Murphy the only choice if we actually want to win this time.

    1. That’s rich, “Democratic Operative.” I imagine that as a “Democratic Operative” you know who supporters are — but I’ll tell you anyway. They’re voters. You have a problem with voters? That’s going to be a problem for your candidate.

      1. Naoya6161 · ·

        We don’t have any problem with voters. You see, we have reason to believe, based on your candidates history, that a productive primary will be impossible. Instead all your candidate will do is turn this into another ugly primary like GOP ones. All it will do is reduce chances of the nominee winning.

      2. dianecbrown · ·

        Actually, Naoya, we need a exciting primary to wake up voters.

      3. naoya6161 · ·

        A primary only works to benefit the eventual winner if both candidates respect show each other respect. Based on Grayson’s history, I have doubts that will happen…a potential Murphy-Grayson matchup looks like it’ll be as nasty as Cochran-McDaniel from last year.

      4. dianecbrown · ·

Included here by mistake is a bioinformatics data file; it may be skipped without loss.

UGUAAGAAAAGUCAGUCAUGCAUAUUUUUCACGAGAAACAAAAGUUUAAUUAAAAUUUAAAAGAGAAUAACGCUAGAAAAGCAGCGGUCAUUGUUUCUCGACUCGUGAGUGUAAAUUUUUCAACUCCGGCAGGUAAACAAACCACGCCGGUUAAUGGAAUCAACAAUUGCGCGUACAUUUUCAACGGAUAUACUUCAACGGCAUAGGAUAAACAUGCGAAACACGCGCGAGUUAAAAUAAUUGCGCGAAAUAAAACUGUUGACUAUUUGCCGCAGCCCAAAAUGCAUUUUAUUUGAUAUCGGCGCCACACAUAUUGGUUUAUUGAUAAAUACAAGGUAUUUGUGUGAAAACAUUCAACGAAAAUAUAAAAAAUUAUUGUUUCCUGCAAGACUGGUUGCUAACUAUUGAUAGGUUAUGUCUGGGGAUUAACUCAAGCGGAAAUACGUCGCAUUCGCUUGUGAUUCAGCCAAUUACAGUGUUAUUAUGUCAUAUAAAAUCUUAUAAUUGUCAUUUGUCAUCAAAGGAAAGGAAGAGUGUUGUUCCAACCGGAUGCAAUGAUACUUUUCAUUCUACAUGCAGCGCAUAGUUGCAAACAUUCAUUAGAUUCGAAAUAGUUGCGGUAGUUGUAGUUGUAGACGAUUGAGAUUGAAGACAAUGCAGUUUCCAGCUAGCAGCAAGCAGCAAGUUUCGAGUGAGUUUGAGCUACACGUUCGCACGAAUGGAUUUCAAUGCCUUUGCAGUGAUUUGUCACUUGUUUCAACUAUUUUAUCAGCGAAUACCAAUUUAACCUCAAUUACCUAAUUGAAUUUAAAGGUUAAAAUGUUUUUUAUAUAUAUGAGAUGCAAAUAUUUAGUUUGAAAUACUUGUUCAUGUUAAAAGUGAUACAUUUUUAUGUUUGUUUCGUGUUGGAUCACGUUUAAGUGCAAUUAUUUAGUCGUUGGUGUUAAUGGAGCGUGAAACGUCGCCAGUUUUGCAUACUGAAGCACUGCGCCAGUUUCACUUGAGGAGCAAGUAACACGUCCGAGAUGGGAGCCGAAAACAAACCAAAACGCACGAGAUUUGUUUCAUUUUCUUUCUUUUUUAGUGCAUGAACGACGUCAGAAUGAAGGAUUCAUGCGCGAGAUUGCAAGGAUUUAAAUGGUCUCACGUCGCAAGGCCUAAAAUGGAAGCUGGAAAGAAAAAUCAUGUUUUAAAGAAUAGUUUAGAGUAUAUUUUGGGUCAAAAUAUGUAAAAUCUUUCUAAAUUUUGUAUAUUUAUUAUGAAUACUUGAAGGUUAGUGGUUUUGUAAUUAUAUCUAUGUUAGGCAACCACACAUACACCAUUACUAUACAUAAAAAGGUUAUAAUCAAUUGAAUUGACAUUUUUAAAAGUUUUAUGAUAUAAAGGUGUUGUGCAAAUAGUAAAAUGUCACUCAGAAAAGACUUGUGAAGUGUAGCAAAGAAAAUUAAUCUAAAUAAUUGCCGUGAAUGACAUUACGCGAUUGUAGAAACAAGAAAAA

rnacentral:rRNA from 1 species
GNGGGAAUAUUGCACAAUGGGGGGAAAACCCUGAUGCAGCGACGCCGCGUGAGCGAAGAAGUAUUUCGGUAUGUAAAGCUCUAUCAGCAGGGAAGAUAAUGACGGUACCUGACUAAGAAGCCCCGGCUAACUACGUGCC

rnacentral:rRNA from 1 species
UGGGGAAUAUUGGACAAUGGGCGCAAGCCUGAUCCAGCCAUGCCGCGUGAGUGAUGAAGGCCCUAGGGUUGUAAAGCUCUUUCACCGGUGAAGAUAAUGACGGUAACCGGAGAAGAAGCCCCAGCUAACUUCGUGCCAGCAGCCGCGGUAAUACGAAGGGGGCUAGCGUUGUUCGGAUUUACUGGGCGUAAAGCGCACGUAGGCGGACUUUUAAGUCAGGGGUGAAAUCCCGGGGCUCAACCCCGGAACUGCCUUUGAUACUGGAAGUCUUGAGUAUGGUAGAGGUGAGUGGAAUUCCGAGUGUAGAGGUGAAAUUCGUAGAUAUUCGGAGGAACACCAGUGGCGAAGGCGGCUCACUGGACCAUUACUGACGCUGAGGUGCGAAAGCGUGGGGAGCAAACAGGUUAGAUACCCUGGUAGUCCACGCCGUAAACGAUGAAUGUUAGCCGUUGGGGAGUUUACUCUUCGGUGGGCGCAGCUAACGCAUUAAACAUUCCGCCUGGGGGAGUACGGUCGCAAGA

Really? Grayson beats up on fellow Dems? I have not heard about that. Can you give me some examples?

  7. naoya6161 · · Reply

    Hmm…a lot of what he says about Murphy so far sends me a few warning signs. For example, saying that only fools rush in primary campaigns when Murphy jumped in. Also in this article:

    http://www.nationaljournal.com/politics/democrats-republican-style-problem-in-florida-20150323

    He says:

    “Why do you think Patrick would even stay in the race? Based on the way the major Florida groups line up, don’t you think that even Patrick would reach the obvious conclusion?” Grayson said. “If it’s true that the party doesn’t want a contested primary, what makes you think I’d be the one who drops out?”